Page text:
April, 2011          By Carl Peters

CHERRY HILL, N.J. — Science writer Joe McEvoy graduated from Camden Catholic in 1955, when the high school was in Camden, and he had never been to its current location in Cherry Hill. As he faced the students in the auditorium, he said, “This building is 50 years old, but to me it looks new.”

Of course, time is relative, as people like to say since Einstein revolutionized physics a century ago.

McEvoy likes to talk about Einstein and others who have shaped the world of science. He gave the Camden Catholic students a synopsis of the history of cosmology, from the ancient Greeks to the Big Bang — all before second period on April 7. He also spent time in classrooms during the day.

McEvoy describes himself as a “champion of science education.” He left research years ago to devote his time to popularizing science, to describing scientific discoveries and those who made them in an accessible way to a broad audience. He is the author of four books, the first of which, “Introducing Stephen Hawking,” was published in 1991.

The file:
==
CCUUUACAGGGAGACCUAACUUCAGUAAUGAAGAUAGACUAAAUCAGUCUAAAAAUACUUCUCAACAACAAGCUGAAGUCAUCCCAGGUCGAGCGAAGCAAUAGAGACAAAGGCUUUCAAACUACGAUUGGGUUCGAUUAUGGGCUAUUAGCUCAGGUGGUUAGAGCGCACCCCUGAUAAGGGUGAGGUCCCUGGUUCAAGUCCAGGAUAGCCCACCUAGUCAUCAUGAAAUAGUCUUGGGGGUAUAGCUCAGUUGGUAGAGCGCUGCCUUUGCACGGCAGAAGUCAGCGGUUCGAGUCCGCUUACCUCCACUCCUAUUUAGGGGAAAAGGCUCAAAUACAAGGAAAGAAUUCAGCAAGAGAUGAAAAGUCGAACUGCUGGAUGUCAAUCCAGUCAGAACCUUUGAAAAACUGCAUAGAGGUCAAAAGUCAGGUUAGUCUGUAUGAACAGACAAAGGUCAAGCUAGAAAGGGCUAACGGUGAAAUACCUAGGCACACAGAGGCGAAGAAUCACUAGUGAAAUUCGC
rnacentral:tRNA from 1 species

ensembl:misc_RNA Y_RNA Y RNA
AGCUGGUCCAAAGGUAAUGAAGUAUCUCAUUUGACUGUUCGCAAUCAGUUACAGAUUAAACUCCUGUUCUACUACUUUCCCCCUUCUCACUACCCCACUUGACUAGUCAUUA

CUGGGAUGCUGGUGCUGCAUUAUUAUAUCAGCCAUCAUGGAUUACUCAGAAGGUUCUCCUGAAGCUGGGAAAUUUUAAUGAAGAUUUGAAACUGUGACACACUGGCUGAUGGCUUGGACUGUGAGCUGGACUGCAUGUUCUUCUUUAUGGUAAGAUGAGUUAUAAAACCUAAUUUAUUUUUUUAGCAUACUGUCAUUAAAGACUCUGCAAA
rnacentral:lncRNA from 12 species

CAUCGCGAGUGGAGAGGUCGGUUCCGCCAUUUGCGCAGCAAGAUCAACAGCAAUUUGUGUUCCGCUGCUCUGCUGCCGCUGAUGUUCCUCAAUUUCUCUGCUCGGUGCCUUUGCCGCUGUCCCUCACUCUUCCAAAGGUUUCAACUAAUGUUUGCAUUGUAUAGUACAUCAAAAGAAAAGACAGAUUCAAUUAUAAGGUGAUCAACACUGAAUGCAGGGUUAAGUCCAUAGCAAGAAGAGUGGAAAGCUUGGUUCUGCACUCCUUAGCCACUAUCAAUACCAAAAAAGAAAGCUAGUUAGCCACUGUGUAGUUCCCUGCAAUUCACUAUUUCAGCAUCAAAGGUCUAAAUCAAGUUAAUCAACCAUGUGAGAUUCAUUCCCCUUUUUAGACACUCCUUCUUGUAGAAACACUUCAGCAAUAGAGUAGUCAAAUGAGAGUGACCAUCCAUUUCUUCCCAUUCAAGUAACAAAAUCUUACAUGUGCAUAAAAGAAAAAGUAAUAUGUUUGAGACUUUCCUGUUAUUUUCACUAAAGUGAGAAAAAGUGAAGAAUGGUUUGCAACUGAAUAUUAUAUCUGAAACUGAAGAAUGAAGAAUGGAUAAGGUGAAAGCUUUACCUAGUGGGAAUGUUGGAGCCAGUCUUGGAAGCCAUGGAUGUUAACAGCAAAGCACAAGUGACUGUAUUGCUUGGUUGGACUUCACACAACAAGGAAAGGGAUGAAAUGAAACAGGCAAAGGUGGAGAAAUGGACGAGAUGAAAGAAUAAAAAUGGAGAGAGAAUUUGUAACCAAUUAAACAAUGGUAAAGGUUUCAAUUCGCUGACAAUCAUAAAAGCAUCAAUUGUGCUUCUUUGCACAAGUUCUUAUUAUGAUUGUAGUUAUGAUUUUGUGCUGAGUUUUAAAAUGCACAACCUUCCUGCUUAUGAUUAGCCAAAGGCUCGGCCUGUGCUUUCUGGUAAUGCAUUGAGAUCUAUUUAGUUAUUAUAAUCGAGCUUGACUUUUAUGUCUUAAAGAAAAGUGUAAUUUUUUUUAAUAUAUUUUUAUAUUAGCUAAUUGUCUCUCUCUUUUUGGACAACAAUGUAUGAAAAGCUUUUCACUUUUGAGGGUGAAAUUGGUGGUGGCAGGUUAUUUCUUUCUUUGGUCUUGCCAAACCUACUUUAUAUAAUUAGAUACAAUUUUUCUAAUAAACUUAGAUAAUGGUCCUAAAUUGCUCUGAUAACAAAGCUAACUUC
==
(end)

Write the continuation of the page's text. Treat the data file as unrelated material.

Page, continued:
A lifetime member of the Pontifical Academy of Sciences, Hawking is a theoretical physicist and cosmologist who has made important contributions to the fields of cosmology and quantum gravity, especially in the context of black holes. But Hawking, who is almost completely paralyzed and speaks through a voice synthesizer, also has become widely known to the general public through his best-selling book, “A Brief History of Time,” as well as by playing himself in several episodes of “The Simpsons.”

McEvoy spent two weeks in Cambridge, England with the scientist and persuaded him to come to the Royal Albert Hall in London for the publisher’s launch of “Introducing Stephen Hawking.” At one point Hawking tried to back out of the appearance, worrying that no one would show up. The event drew 6,000 people.